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1- After treatment has failed to produce a zero PSA, say .07, isn't the sign of a little cancer left be just as serious as the sign of a lot of cancer left?
2- What is the life span of a prostate cancer cell? Every cell has a programed life span but I understand that cancer cells don't follow that "rule" and hence the problem. Still, they can't live forever.
3- Does drug treatment actually kill cancer cells or just make them dormant? I have heard it shrinks tumors so if it does this why can't it eliminate them?
1)Which treatment? Assuming you have had a prostatectomy, .07 could mean you have some normal prostate cells left or cancerous prostate cells left. You will get your PSA tested monthly and see if it increases to 0.2. If it does hit 0.2 then it confirms you do have active cancer cells. Then you will get a combination of 33 days of radiation over seven weeks and at least 6 months of hormone treatment. Although it would be better to have had a lower PSA, .07 was considered "undetectable" about 10 years ago and your prognosis is still good. If, over the next two years, your PSA shoots up to 10 or 20 and the hormone/radiation treatment doesn't bring it down below 1.0 then PC could well kill you in the next 10 years.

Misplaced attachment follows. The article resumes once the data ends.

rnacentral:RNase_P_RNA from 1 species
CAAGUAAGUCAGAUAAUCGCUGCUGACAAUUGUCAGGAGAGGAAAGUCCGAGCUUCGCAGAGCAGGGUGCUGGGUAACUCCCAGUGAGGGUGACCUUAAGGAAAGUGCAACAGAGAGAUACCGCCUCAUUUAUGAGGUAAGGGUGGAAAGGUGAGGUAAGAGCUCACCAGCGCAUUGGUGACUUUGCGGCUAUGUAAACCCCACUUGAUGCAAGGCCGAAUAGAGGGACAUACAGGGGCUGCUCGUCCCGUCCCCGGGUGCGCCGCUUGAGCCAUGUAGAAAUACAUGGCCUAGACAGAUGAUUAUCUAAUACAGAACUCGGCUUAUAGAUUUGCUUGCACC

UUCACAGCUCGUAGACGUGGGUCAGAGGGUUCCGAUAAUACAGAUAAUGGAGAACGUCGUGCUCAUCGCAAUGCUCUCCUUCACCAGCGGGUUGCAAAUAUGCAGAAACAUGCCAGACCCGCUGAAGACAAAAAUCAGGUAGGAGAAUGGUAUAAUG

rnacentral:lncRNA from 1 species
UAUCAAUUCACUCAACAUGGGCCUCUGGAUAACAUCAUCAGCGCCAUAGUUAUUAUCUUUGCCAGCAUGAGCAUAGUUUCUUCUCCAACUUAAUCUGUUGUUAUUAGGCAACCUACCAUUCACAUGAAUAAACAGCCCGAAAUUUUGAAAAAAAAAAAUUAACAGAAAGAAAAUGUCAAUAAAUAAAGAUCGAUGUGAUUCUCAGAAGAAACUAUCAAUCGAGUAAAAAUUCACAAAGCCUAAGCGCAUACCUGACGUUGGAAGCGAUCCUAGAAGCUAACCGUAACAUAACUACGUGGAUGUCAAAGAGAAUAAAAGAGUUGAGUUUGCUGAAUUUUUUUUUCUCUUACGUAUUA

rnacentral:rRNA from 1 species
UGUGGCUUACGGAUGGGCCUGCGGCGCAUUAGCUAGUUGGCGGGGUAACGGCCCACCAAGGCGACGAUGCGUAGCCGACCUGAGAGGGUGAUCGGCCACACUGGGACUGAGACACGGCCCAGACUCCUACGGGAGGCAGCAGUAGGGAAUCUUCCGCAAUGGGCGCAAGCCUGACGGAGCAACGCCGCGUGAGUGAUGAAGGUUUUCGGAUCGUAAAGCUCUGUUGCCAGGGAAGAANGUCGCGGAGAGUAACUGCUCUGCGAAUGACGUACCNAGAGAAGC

2) Cancer cells live until you die if left alone and even after if kept in a research lab somewhere.
3)Hormone treatment will shrink (and probably does kill some) cancer cells but then the real killer cancer cells learn to thrive without testosterone. The chemo drugs attempt to kill them.
- Hope this helps
Thanks for the answers Frank. Still a little confused, so cancer cells NEVER die? That sounds like immortality! I guess that is why there is no cure for cancer, you have to physically get rid of it or it lives forever. I would guess that many years ago cancer research has gone down this line of thinking and long ago found it isn't a viable option. What a rotten unfair disease!
(Had the surgery and the radiation - 38 days, now in prayer like so many others!) Jon